Some medical disorders, such as seizure disorders or thyroid problems, might cause symptoms resembling those of AD/HD. That is why a medical exam is necessary to rule out medical causes.
How is AD/HD without hyperactivity in adults treated?
Although there is no cure for the disorder, it can be successfully treated. There are several different approaches for treating adults, but generally some combination of medication and behavioral therapy yields the best results.
- Medications—Prescription drugs that are used to treat AD/HD in children usually are effective for most adults with the predominantly inattentive form of AD/HD. However, the dosage and frequency of the medications may have to be adjusted. It is important to match the needs of the person with AD/HD with the characteristics of the drug.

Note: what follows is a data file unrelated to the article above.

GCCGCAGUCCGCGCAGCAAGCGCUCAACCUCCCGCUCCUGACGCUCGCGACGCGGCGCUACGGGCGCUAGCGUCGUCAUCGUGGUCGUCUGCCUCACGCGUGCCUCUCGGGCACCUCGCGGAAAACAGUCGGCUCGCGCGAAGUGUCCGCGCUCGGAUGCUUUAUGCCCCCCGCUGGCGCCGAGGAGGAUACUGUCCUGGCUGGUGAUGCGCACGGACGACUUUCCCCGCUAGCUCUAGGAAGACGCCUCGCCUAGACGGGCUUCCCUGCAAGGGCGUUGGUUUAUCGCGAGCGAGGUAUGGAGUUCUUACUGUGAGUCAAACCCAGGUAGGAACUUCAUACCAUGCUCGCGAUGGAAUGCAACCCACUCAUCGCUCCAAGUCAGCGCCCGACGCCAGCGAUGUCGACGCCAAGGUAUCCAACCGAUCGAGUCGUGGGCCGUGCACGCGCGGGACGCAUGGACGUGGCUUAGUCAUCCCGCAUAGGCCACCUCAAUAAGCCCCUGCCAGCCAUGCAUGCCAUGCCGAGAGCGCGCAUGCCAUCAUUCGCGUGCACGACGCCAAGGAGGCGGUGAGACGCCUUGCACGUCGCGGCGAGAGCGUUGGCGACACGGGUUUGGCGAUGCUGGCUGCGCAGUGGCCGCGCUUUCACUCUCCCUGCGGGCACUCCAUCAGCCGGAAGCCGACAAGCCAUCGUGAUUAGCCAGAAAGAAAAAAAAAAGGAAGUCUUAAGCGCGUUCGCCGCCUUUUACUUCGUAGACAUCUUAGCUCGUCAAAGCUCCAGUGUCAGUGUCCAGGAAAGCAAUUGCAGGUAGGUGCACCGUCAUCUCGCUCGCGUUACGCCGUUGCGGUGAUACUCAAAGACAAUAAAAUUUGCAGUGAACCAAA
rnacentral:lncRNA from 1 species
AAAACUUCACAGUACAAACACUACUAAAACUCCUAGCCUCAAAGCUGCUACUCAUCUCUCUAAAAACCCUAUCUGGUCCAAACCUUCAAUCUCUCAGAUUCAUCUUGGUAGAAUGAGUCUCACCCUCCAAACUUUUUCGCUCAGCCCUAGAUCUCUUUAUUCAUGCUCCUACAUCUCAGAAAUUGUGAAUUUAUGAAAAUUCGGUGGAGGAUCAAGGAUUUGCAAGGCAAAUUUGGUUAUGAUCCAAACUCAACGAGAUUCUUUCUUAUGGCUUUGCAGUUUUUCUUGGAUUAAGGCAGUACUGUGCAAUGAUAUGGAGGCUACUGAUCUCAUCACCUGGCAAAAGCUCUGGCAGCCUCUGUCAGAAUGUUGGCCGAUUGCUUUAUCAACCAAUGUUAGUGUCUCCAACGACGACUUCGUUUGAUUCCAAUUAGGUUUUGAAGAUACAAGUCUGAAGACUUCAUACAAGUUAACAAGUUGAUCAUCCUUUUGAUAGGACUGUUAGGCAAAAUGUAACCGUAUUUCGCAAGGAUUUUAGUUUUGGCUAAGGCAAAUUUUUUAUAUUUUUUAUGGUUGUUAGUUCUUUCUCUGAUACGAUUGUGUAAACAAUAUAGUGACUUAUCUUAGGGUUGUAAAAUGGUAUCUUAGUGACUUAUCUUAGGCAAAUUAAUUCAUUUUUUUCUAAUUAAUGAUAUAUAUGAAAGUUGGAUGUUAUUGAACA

The major classes of prescription medications that are prescribed for AD/HD are psychostimulants, antidepressants, and nonstimulant drugs. The drugs affect the neurotransmitters that send signals to brain cells.
Psychostimulants are the medications of choice in treating AD/HD. The two types that are most commonly used are amphetamines and methylphenidate. Mixed amphetamine salts are marketed under the brand name Adderall®. Methylphenidate is sold under the brand names Ritalin®, Concerta®, or Metadate®. Immediate release, sustained released and extended release forms of Adderall and Ritalin are available. The dosage and frequency of these medications may have to be adjusted to maximize their effectiveness.